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Mars Rover Begins Exploration Duties

NASA's Curiosity rover and its parachute were spotted by NASA's Mars Reconnaissance Orbiter as Curiosity descended to the surface on Aug. 5 PDT (Aug. 6 EDT). The High-Resolution Imaging Science Experiment (HiRISE) camera captured this image of Curiosity while the orbiter was listening to transmissions from the rover. Credit: NASA/JPL-Caltech/Univ. of Arizona

Credit: NASA/JPL Cal Tech

PASADENA, Calif. — The one-ton Curiosity rover has touched down on Mars, the end point of its space travels from Earth that took 36-weeks.

Dangling by nylon ropes from a rocket backpack, the robot appears to be in good health to start a two-year investigation of its Mars surroundings at Gale Crater.

“Today, the wheels of Curiosity have begun to blaze the trail for human footprints on Mars,” said NASA Administrator Charles Bolden shortly after the landing.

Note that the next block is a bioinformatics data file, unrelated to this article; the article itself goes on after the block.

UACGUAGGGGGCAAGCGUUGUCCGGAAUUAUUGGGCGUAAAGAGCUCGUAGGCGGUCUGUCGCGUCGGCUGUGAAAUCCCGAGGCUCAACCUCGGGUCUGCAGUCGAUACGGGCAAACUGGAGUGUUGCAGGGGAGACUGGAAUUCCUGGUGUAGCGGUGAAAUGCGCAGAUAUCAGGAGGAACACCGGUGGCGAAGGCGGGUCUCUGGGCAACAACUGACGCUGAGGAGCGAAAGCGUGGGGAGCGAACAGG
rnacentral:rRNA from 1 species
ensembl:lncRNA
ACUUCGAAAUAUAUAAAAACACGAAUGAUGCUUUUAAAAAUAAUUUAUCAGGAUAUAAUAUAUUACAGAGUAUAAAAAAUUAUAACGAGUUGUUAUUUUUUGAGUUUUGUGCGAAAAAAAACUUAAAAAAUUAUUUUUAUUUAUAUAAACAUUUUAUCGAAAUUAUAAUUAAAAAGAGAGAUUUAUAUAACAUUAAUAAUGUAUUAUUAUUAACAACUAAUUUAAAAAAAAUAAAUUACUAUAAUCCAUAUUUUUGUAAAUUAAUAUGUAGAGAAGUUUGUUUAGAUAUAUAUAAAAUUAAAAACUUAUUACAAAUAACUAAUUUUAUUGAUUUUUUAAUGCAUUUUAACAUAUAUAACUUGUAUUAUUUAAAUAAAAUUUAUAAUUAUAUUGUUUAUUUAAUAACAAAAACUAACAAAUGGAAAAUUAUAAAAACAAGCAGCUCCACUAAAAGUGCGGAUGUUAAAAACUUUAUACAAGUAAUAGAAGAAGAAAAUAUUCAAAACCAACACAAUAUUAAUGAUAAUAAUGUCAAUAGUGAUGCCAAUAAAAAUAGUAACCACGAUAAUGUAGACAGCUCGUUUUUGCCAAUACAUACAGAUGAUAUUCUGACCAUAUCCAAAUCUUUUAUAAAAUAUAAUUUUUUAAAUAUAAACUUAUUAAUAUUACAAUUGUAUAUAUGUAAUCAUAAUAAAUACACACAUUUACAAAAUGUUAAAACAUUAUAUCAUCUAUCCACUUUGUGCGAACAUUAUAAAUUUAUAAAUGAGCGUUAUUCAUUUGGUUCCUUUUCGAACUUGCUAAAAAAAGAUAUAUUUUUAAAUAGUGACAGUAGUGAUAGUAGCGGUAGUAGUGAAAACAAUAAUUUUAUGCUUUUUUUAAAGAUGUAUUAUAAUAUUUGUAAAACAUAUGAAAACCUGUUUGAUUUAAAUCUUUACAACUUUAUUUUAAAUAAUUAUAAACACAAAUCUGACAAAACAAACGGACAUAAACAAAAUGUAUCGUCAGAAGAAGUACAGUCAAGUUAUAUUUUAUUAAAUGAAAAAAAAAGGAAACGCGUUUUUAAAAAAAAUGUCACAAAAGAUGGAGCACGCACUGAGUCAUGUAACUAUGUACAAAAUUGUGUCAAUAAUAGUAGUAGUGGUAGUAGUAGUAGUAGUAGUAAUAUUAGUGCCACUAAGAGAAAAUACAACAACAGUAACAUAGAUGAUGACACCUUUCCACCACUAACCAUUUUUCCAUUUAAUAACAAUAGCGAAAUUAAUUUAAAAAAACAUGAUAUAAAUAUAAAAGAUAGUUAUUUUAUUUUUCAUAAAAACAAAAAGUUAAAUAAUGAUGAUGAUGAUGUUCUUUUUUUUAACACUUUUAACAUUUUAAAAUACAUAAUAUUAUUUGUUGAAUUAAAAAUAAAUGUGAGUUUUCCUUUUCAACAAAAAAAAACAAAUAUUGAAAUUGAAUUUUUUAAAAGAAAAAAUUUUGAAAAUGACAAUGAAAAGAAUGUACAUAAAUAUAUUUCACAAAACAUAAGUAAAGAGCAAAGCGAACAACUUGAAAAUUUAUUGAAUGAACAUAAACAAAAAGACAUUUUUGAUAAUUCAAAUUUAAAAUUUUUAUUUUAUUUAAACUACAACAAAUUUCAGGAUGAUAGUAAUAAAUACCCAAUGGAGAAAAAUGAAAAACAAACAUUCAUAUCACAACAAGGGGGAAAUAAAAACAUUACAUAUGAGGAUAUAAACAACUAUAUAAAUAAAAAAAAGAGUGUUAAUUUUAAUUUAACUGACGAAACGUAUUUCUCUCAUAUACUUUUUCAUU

Curiosity is the most sophisticated rover ever built. Its duty now is to seek to answer age-old questions about whether life ever existed on Mars — or if the planet can sustain life in the future, Bolden added.

Curiosity landed at 10:32 p.m. Aug. 5, PDT, (1:32 a.m. EDT Aug. 6) near the foot of a mountain three miles tall and 96 miles in diameter inside Gale Crater.

The rover is within driving distance of layers of the crater’s interior mountain.

Curiosity returned its first views of Mars shortly after its touch down.

“Curiosity’s landing site is beginning to come into focus,” said John Grotzinger, project manager of NASA’s Mars Science Laboratory mission, at the California Institute of Technology in Pasadena.

“In the image, we are looking to the northwest. What you see on the horizon is the rim of Gale Crater. In the foreground, you can see a gravel field. The question is, where does this gravel come from? It is the first of what will be many scientific questions to come from our new home on Mars,” Grotzinger said.

By Leonard David

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